How can I get my partner to participate in couples therapy
Challenges arise in every relationship and overcoming them is made easier if you and your partner agree that couples therapy may be worth a try. Here’s how to approach the subject.
A question which can prey on people’s minds if they are concerned about their relationship is if it is ok for couples to argue? And if arguments do occur, can it be done healthily?
The idea of healthy arguing can seem like an absurd idea for some. However, it is inevitable that at some point in a relationship, there will be some disagreements. This is to be expected in a functioning relationship between two healthy and independent people.
However, if you find that more often than not, you spend time in your relationship endlessly bickering and arguing, there are some ways you can take a step back and re-evaluate. Our blog explores why arguments happen and how you can prevent the same ones recurring.
In short, the answer is yes. Instead of having unnecessary, emotion-provoking arguments, there are methods you can try to communicate your thoughts and feelings healthily, instead of needlessly creating a full-scale argument.
There are so many reasons and methods to try; our article will only focus on a select few. Here at Remainly, we offer personalised advice for couples through our extensive online service.
Many things can affect a relationship and create tensions between two people. The source of arguments between couples could range from a variety of external factors to the relationship, such as issues and stress produced from work or money worries. Alternatively, it could be unresolved feelings which have leaked into the relationship from the previous one, such as feelings of mistrust.
Whatever the source of repetitive arguments may be, it is essential to try and document the patterns in which they keep recurring. Try to identify the ‘typical’ make-up of the arguments. Think about the subject of the arguments, the situations where the arguments usually occur, what is said, how things are said and what do you each do.
A useful exercise is to identify how you and your partner react at stressful times leading up to an argument. This is something you can both try individually.
Here at Remainly, we understand that anger and fear are the two quickest emotions of the human brain. Looking back to our ancestors, we used these two reactions when sensing danger and it is how we have survived.
While predators and general danger are less of a risk in the modern age, our brains are still programmed to react in this way when we feel stressed or are met with confrontation.
There is a way to combat ploughing straight into responses which show anger and fear when in a confrontation with your partner. It begins with de-automating your natural reaction and may take numerous practises to adjust.
Try and predict your reactions of irritation, anger or fear before you fully reach them. If you recognise yourself feeling this way, ensure you pause.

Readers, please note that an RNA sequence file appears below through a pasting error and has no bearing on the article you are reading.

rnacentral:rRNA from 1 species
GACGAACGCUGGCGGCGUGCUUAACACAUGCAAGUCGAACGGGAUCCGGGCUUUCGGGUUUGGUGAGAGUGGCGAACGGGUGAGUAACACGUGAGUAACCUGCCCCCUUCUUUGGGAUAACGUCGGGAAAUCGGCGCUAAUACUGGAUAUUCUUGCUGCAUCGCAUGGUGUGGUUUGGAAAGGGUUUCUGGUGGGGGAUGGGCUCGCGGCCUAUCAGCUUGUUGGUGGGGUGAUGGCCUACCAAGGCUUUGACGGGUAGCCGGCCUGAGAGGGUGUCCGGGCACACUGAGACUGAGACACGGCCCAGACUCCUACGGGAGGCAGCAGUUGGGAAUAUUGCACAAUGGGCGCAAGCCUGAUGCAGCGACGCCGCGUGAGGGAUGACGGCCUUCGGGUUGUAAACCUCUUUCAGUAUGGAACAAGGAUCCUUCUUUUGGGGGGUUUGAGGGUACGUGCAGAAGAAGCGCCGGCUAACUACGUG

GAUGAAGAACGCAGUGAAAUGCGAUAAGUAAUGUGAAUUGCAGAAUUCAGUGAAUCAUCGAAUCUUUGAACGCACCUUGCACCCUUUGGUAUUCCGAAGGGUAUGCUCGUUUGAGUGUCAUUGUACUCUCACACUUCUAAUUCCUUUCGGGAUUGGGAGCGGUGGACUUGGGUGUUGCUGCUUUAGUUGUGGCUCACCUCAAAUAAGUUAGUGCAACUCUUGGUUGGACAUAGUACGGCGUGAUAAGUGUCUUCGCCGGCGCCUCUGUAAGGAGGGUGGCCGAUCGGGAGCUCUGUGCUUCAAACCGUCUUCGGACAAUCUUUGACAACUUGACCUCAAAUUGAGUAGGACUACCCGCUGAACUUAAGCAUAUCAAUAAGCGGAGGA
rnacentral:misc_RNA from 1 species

Whether you need to go outside or enter a different room, try and do whatever you need to allow yourself some extra time to digest the situation and choose a wise course of action. The break will enable you to overview the situation instead of heading straight into your immediate reactions.
Here at Remainly, we recommend a basic breathing technique. It is easy to utilise is the 4-2-4 breathing technique:
Keeping your other half informed is integral to the experience so they can understand what is happening and why. It may give them a chance to also reflect upon their involvement in the situation.
Agree on a signal which transmits (that?) you are taking some time out. Upon return, explain that you were taking some time to adjust your automatic (automotive describes the world of automobiles) reactions and are ready to continue.
Remember to record the scenario so you can recognise feelings as they occur.
Try to include:
Then share these with your partner and brainstorm (about?) how you can help each other should something similar happen again.
An aspect of an argument we can probably all relate to and are guilty of, is the ‘Abrupt Attack’.
The ‘Abrupt Attack’ is where your partner brings up an issue and unwittingly uses accusatory or critical language.
Consequently, you return this type of accusatory language or remove yourself from the conflict.
There are a couple of trigger words in an argument which can spark a negative and unproductive reaction. These should be thoroughly avoided when discussing with your partner:
These can cause a sense of criticism in the other party, hence their flight or fight reaction where they either repeat similar, critical language or leave the situation entirely.
Take the time to talk to each other about the critical words and phrases each of you use. Then create a signal to use in future arguments when you feel abruptly attacked. You could also roleplay this beforehand.
Hopefully, this advice may help you to figure out where your arguments may originate and methods to combat automatic reactions taking over.
If you require further advice, our expert, relationship counselling, online service at Remainly can help you. Our sessions are headed by Andreas who has extensive experience advising couples on a vast range of topics, including advice for those who argue.
Bad habits in a relationship should ring alarm bells and both you and your partner must be able to hear them.